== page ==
What am I doing here? And what am I doing?—Clark Humphrey

As I stand here, listening to her make small talk to me from the next room, I’m thinking about the other females in my short life.

My mother had always instructed me in the discipline of being a moral person, a righteous person, and most importantly a young man who listens and defers to women. She raised me alone from the time my father left, raised me to be the exact opposite of anything he’d been. Even to the point of her regularly making dinners of all the foods my father had always hated. (I mean, how much butternut squash and eggplant can a guy take?)

My mother had latched onto me as her self-proclaimed “last hope” for “a good child,” after my older sister repeatedly proved incapable of self-discipline. My sister was your basic Lifetime TV movie waiting to happen. One crazy or creepy boyfriend after another. The high-school dropout (while she was still in middle school). The street pot dealer. The small-time shoplifter. The steroid-hooked football star. The white slam poet with at least three other girlfriends. Worst of all, the English prof who’d picked her out to be that semester’s midlife-crisis temptation for him.

From my mother’s lessons and my sister’s contrary examples, I constantly tried to be a guy who wasn’t like other guys; a teen who wasn’t like the other teens.

And now, here I am. A walking cliché.

I look at myself in the full-length bedroom mirror. I’d never seen myself undressed in one of these in, how long? Ever? I was never the hunkiest guy in school, or had the best posture. This sight just proves it. I look away.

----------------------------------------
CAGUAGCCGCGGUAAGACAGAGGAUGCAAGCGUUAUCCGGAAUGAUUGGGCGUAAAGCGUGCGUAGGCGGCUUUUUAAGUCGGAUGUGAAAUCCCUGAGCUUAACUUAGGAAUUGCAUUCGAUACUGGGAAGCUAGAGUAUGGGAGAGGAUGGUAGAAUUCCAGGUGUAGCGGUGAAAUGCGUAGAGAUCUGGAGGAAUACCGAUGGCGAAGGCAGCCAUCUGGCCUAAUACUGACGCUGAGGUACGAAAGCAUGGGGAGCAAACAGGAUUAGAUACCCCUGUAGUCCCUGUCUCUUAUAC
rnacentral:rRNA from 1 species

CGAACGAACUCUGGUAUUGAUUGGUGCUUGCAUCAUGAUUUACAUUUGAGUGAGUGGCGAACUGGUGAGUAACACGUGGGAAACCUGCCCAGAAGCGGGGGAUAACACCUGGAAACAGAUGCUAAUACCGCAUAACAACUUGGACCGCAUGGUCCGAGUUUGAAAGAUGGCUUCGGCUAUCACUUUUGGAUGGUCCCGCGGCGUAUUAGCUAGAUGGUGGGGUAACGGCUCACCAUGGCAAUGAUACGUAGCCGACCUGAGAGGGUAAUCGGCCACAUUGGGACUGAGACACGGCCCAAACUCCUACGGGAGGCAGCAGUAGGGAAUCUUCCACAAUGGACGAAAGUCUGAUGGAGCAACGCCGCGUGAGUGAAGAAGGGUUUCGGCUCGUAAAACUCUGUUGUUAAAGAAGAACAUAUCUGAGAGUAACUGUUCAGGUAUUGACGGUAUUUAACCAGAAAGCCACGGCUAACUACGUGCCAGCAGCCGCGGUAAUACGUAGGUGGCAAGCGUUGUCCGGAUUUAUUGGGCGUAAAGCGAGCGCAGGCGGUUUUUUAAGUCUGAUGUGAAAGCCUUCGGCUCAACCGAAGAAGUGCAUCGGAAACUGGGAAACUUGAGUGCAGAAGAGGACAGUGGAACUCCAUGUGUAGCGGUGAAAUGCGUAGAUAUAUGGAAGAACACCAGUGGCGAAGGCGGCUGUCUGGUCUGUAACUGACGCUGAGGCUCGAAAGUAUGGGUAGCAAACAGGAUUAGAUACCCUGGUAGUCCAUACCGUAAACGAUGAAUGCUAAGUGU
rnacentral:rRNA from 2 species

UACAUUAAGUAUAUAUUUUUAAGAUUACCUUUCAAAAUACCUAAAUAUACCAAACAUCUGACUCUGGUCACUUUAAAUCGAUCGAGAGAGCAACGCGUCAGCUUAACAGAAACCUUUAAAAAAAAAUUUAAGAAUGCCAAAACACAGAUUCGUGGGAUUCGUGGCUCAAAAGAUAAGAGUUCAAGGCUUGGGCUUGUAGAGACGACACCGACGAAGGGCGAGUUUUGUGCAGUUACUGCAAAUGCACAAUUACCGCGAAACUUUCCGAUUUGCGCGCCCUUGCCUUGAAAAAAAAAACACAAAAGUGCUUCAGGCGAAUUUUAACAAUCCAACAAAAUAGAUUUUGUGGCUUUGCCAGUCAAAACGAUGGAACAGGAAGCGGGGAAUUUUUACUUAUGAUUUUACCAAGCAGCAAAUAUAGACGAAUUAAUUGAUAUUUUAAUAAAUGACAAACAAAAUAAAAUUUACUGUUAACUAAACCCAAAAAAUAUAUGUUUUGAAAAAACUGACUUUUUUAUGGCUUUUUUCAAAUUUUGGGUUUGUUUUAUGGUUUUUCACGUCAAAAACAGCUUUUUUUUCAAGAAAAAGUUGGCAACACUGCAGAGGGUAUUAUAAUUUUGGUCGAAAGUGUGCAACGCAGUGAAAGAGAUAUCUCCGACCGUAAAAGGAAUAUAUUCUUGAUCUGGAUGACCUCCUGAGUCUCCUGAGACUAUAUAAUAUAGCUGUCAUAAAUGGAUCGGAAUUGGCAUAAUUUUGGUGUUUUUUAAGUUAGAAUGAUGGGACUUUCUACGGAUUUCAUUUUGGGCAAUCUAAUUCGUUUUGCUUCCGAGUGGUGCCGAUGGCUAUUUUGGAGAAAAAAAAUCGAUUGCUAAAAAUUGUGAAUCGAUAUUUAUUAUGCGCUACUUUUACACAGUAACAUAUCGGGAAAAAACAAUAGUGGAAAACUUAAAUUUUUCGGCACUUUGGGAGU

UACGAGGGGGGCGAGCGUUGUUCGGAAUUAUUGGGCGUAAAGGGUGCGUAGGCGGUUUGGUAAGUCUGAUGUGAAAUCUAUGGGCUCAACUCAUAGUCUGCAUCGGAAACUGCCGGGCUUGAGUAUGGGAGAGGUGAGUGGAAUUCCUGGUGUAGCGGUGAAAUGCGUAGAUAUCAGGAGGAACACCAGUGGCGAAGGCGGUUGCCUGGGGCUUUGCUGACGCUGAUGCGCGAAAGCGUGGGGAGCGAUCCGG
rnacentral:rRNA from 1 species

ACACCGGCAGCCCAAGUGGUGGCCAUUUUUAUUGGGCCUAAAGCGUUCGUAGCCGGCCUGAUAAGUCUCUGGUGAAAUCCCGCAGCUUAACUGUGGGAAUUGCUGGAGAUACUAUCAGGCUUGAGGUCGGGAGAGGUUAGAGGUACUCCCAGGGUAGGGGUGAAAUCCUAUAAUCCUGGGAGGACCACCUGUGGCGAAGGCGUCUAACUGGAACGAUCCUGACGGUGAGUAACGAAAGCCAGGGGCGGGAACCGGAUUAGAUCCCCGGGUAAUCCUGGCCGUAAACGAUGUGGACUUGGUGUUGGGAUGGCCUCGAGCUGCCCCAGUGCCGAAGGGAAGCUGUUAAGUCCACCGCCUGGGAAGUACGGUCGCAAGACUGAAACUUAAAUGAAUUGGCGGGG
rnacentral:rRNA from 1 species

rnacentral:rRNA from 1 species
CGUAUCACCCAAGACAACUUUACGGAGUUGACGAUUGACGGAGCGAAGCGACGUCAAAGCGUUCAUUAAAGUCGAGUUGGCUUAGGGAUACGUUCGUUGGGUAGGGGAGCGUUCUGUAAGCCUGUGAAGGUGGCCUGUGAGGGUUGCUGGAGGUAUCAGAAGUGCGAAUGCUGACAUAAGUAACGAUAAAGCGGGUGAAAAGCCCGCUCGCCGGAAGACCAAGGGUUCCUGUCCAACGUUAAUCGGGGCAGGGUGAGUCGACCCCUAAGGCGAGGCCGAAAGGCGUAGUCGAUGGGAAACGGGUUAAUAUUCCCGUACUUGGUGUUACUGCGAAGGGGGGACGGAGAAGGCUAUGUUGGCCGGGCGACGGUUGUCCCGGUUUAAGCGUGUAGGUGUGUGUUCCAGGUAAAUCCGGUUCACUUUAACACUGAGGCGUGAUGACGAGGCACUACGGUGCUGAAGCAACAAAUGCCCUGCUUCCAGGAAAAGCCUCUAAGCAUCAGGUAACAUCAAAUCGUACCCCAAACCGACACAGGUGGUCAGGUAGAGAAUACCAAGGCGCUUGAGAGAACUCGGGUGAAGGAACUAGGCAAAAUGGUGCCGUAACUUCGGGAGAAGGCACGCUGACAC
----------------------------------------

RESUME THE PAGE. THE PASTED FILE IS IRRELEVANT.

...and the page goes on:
It’s not what I’ve done that I feel sad about, I decide.

I mean, what future bride (even a Christian one) expects her future husband (even a Christian one) to be “pure” anymore?

It’s what I’m going to do that I’m not so sure about.

Now it’s me who’s the Lifetime TV movie waiting to happen. Maybe even a “48 Hours Mystery” waiting to happen.

I look at her clothes in the closet. It’s a big closet, with a lot of clothes, and an awful lot of shoes. This is the kind of woman that my mother would make snide remarks about behind her back; and maybe she’ll get the chance to do so. If I’m unlucky, that is. Let’s hope they never meet.

For that matter, let’s hope nobody else finds out. She could go to jail for what we’ve done. We both could go to jail for what I’m going to do. Probably. I don’t even know what it is, really.

She’s walking back in here. I stop snooping around. I close the closet doors.

No. She’s still out in the other room.

She’s shouting at me even though the door is open and she’s just 20 feet away from me at most. She’s calling me “cute” names. Yuck. She says she’s writing down the driving directions. She says there’s enough gas in the car to get all the way to Scappoose without stopping. She says I shouldn’t stop. Take the bridge at Longview, then left onto Highway 30, then when I get there hand the keys over to the couple; they’ll drive me to a bus stop. Don’t stop. Don’t get stopped. Don’t look in the trunk. Don’t let anybody else look into the trunk. Nothing she hasn’t said six or seven times already.

My mother thinks I’m on a youth-group trip.

Sudden thought: Has this woman done this with, or to, other guys before? I try not to think about it. I use her hair brush.

She throws my clothes into the bedroom. Freshly washed; still a little damp. I check: no booze or perfume or pot smell.

How’d I get here? Really easily. As my mother had always told me to be with women, I’d been courteous, I’d been trusting, and I’d listened sympathetically to everything she said.

I wonder how far I could run once I got dressed.

I wonder what’s in the trunk.

I wonder if I could “accidentally” crash the car without hurting myself.

No, drive it into the river instead.

No, I’m not the greatest swimmer. And the water’s too cold these days.

I’m still thinking about this while she yanks the hair brush out of my hand. She’s still in her robe, still barefoot with painted toenails. I remember how they’d tasted.

She opens her robe with one hand, and pushes my head toward her with the other.

I’m doing this. I’m doing all of this. Don’t even think about it.


About bbcstudiowrites

This blog is me archiving the BBC Studio Writers Workshop.

Posted on May 9, 2016, in Uncategorized. Bookmark the permalink. Leave a comment.

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